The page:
2 large pieces of space junk nearly collided in 'high risk' situation
A dead satellite and an old rocket part, each roughly the size of a small car, would have littered orbit with space junk if they had smashed into each other.
Two pieces of space junk, each about the weight of a compact car, had a close encounter on October 15 some 620 miles above Earth. If they had collided—experts put the odds at about 5 or 10 percent before closest approach—the smashup would have created a cloud of debris that would jeopardize other satellites and spacecraft for decades.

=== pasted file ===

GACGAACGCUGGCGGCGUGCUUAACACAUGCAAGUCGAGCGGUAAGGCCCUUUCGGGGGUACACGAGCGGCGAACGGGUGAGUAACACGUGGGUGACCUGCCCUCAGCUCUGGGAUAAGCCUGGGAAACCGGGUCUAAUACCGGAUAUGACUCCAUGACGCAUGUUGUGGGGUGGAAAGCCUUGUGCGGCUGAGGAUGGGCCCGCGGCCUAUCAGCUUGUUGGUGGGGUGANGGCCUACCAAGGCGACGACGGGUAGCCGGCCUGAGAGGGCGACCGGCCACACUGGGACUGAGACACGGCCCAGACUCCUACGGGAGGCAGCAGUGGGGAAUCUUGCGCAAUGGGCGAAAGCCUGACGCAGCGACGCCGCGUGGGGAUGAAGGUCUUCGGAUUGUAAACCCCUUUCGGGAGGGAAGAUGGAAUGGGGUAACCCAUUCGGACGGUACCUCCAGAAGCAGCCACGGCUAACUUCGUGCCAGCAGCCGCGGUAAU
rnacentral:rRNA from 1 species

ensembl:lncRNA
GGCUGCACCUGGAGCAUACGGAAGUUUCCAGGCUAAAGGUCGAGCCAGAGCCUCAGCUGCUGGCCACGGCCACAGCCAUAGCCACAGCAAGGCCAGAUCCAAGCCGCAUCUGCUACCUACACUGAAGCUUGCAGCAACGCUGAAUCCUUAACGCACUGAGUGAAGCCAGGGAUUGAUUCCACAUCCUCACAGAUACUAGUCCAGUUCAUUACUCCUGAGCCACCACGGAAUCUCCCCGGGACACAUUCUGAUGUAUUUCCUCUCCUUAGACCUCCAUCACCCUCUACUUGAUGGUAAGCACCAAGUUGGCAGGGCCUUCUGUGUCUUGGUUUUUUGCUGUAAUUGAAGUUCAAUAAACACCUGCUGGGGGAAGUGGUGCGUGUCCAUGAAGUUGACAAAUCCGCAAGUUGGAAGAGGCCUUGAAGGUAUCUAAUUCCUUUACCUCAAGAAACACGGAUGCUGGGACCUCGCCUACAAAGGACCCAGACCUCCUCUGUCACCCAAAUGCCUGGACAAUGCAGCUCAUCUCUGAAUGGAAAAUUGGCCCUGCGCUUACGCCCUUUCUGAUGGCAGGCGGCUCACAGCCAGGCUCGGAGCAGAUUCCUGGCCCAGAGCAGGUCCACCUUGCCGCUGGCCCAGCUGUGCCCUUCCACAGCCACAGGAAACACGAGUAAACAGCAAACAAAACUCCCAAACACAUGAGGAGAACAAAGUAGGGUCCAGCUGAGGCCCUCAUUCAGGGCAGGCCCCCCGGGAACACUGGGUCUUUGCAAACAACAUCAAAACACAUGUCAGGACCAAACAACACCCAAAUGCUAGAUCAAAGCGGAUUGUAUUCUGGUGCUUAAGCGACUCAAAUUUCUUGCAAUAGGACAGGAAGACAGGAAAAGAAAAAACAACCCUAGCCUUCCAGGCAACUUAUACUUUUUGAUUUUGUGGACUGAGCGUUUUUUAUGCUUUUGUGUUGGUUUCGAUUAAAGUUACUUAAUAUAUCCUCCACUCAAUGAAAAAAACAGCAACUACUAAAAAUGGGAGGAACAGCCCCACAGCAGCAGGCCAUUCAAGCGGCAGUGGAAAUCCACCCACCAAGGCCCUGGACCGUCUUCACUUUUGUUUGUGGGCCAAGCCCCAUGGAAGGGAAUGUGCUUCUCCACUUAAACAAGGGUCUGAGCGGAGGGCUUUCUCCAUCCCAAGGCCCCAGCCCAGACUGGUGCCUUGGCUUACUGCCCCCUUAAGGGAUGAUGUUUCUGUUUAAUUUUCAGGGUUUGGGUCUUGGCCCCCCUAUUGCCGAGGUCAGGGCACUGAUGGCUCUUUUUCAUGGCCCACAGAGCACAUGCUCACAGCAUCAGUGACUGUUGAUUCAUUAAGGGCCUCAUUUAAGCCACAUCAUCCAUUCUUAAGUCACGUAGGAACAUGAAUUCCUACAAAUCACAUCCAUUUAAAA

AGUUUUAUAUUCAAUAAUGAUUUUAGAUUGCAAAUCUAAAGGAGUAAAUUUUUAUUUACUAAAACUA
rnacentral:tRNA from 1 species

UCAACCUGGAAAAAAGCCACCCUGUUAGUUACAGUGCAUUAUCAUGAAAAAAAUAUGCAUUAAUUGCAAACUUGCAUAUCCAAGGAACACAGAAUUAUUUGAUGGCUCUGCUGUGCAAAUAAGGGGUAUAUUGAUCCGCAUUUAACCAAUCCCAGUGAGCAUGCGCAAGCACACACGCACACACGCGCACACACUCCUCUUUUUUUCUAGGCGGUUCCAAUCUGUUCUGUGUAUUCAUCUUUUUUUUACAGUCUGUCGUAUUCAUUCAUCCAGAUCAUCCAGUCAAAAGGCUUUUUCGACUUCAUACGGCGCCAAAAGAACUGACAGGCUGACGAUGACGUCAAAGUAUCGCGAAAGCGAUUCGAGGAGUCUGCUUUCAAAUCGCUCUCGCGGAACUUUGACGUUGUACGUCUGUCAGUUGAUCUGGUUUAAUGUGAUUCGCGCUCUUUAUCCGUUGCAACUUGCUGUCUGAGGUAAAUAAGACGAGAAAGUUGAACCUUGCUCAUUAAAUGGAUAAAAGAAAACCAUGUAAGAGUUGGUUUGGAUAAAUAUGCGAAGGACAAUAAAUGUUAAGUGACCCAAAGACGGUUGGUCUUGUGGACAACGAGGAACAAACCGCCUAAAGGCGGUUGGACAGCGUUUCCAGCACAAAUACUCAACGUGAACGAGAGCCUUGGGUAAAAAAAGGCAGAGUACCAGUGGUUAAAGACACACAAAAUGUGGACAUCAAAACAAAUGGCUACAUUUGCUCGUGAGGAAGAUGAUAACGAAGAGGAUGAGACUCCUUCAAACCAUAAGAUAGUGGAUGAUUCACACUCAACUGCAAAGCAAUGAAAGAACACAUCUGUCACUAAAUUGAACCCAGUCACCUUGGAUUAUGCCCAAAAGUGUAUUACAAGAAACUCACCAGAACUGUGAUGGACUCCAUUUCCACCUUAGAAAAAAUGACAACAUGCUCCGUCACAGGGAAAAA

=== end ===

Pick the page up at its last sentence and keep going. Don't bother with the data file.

The two objects are a defunct Russian navigation satellite launched in 1989 and a spent Chinese rocket part from a 2009 launch. Calculations by LeoLabs, a California-based company that tracks objects in low-Earth orbit, pegged the moment of closest approach at 8:56 p.m. ET on October 15 above the southern Atlantic Ocean, just off the coast of Antarctica. About an hour after